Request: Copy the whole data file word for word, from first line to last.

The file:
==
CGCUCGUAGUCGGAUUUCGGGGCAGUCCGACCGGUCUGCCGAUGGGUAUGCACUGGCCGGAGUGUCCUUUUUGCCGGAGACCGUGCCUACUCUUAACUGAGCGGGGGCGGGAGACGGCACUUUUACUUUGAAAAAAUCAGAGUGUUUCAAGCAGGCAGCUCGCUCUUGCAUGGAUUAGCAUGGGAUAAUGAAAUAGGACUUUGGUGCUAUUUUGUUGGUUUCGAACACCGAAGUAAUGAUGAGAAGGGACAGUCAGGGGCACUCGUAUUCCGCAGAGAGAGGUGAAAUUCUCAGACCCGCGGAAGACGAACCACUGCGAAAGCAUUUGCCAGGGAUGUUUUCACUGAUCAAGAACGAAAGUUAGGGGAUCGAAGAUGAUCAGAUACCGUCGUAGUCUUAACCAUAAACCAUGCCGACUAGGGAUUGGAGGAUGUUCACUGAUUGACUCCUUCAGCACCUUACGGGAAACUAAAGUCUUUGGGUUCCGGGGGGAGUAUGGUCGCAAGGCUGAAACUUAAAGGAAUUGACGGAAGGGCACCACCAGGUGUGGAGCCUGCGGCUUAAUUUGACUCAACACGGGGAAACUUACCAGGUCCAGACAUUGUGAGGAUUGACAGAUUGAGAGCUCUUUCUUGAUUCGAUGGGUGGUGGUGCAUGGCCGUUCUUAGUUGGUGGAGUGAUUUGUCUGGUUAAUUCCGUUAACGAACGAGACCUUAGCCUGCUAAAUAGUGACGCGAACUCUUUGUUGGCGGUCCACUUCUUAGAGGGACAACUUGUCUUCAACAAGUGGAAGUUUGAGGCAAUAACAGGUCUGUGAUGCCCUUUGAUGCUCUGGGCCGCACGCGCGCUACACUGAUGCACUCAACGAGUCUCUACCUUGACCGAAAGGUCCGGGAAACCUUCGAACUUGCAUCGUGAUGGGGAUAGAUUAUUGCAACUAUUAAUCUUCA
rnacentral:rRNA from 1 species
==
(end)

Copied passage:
CGCUCGUAGUCGGAUUUCGGGGCAGUCCGACCGGUCUGCCGAUGGGUAUGCACUGGCCGGAGUGUCCUUUUUGCCGGAGACCGUGCCUACUCUUAACUGAGCGGGGGCGGGAGACGGCACUUUUACUUUGAAAAAAUCAGAGUGUUUCAAGCAGGCAGCUCGCUCUUGCAUGGAUUAGCAUGGGAUAAUGAAAUAGGACUUUGGUGCUAUUUUGUUGGUUUCGAACACCGAAGUAAUGAUGAGAAGGGACAGUCAGGGGCACUCGUAUUCCGCAGAGAGAGGUGAAAUUCUCAGACCCGCGGAAGACGAACCACUGCGAAAGCAUUUGCCAGGGAUGUUUUCACUGAUCAAGAACGAAAGUUAGGGGAUCGAAGAUGAUCAGAUACCGUCGUAGUCUUAACCAUAAACCAUGCCGACUAGGGAUUGGAGGAUGUUCACUGAUUGACUCCUUCAGCACCUUACGGGAAACUAAAGUCUUUGGGUUCCGGGGGGAGUAUGGUCGCAAGGCUGAAACUUAAAGGAAUUGACGGAAGGGCACCACCAGGUGUGGAGCCUGCGGCUUAAUUUGACUCAACACGGGGAAACUUACCAGGUCCAGACAUUGUGAGGAUUGACAGAUUGAGAGCUCUUUCUUGAUUCGAUGGGUGGUGGUGCAUGGCCGUUCUUAGUUGGUGGAGUGAUUUGUCUGGUUAAUUCCGUUAACGAACGAGACCUUAGCCUGCUAAAUAGUGACGCGAACUCUUUGUUGGCGGUCCACUUCUUAGAGGGACAACUUGUCUUCAACAAGUGGAAGUUUGAGGCAAUAACAGGUCUGUGAUGCCCUUUGAUGCUCUGGGCCGCACGCGCGCUACACUGAUGCACUCAACGAGUCUCUACCUUGACCGAAAGGUCCGGGAAACCUUCGAACUUGCAUCGUGAUGGGGAUAGAUUAUUGCAACUAUUAAUCUUCA
rnacentral:rRNA from 1 species